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The section culminates in an appeal full of local coloring and suggestion. In a great cry he gave expression to the hunger of his heart when he wrote, "Make room for us" (see margin). He then declared that he had wronged no man, that he had corrupted no man, that he had taken advantage of no man.
Almost afraid lest such a statement should embitter them by creating a sense of shame, as though he would rebuke, he immediately declared that this was not his purpose, and proceeded to emphasize his love for them, going through his personal experiences to demonstrate it. He told them of his sorrow in Macedonia. He told them of the new joy and gladness that flooded his heart when Titus came and told him that they had received and been obedient to his letter, that it had caused them such sorrow as to produce in them repentance. He told them yet again of the great added joy that had come to him because they had refreshed the soul of Titus, for the apostle had boasted to Titus of them, and they had proved worthy of his boasting.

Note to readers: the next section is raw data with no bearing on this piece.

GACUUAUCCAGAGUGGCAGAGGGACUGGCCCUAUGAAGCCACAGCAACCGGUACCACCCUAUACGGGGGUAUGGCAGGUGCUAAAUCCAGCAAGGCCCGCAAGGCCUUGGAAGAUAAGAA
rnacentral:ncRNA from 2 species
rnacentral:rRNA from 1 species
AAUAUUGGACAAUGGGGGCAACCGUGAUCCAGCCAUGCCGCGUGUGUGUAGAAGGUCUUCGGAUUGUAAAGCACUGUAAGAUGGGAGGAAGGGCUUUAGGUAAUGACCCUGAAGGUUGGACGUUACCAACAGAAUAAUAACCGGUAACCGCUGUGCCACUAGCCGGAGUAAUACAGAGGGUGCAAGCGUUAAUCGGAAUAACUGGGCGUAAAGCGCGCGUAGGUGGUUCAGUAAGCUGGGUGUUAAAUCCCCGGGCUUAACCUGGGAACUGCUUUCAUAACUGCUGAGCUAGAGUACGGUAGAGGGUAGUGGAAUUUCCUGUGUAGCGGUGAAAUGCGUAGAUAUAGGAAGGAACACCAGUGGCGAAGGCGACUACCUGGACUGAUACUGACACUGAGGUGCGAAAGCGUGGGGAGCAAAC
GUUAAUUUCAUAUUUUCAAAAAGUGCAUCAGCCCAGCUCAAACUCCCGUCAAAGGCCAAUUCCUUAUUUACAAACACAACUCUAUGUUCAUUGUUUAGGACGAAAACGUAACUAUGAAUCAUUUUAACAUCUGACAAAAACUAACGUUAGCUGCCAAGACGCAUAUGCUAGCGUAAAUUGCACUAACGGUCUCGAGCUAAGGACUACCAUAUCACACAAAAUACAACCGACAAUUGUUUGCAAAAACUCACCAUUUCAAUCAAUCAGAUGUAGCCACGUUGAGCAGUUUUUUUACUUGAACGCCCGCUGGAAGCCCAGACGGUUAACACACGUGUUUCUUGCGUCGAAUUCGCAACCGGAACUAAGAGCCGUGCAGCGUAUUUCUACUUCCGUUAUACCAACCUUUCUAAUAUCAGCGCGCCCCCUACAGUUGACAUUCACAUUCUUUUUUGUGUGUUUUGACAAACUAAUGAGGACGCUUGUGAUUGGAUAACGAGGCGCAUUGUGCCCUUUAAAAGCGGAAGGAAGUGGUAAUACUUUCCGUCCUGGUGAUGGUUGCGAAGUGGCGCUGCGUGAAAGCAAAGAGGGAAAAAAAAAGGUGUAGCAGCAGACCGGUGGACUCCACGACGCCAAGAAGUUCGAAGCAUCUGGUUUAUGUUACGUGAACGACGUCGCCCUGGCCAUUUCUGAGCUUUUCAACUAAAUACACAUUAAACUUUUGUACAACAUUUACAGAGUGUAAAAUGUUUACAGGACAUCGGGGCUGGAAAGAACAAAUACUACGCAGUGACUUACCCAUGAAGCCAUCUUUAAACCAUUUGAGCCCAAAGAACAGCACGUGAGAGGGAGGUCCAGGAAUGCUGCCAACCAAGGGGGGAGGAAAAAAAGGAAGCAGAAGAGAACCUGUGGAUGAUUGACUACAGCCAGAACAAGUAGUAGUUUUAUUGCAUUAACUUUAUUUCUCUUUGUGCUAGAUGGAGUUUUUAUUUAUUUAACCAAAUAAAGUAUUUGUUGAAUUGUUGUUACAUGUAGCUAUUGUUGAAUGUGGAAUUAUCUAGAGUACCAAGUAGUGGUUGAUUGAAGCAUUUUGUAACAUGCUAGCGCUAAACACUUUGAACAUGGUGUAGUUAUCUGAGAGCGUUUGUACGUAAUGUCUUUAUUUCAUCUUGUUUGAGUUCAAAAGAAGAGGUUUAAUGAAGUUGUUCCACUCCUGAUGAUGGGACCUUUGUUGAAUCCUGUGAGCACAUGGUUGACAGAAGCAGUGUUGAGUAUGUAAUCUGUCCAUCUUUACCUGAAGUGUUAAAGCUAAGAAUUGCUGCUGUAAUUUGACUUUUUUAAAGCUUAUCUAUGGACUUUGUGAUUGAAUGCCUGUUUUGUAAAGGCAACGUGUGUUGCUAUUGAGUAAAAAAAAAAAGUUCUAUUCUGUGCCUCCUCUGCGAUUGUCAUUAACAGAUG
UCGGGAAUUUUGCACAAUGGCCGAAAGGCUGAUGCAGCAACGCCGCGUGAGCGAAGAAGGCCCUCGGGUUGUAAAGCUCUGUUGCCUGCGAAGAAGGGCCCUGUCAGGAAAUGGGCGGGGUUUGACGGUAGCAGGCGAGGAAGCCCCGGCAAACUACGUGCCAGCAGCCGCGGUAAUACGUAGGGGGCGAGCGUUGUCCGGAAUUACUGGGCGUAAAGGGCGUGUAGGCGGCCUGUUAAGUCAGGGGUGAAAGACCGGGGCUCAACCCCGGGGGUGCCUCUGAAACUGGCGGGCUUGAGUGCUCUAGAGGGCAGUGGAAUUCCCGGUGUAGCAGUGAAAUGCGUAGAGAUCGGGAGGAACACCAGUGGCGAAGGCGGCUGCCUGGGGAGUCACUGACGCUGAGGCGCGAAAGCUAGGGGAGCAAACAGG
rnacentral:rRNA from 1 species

His final word was one of magnificent hopefulness, thrilling with great joy. "I rejoice that in everything I am of good courage concerning you." Perhaps there is hardly a chapter in Paul's writings in which the heart of the man is more perfectly revealed, and the charm of it is found in the natural humanness which is manifested, and yet which all the while is under the constraint of that love of Christ which makes the fear of the Lord the supreme motive in all life and service.
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Morgan, G. Campbell. "Commentary on 2 Corinthians 7". "G. Campbell Morgan Exposition on the Bible". https://www.studylight.org/
the Week of Proper 6 / Ordinary 11